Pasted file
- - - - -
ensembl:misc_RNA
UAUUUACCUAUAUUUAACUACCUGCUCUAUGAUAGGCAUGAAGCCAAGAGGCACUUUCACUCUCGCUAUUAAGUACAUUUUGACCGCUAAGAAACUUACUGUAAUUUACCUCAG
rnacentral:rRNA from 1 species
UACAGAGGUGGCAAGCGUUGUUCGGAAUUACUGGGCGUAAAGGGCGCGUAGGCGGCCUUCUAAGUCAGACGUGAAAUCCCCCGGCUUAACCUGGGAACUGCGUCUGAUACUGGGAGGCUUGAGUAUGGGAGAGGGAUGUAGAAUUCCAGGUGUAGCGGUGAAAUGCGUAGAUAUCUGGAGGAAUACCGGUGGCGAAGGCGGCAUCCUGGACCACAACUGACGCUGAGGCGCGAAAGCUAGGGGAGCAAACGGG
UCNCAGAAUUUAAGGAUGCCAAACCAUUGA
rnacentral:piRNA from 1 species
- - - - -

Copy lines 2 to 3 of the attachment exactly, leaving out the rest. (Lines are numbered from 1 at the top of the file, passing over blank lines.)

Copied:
UAUUUACCUAUAUUUAACUACCUGCUCUAUGAUAGGCAUGAAGCCAAGAGGCACUUUCACUCUCGCUAUUAAGUACAUUUUGACCGCUAAGAAACUUACUGUAAUUUACCUCAG
rnacentral:rRNA from 1 species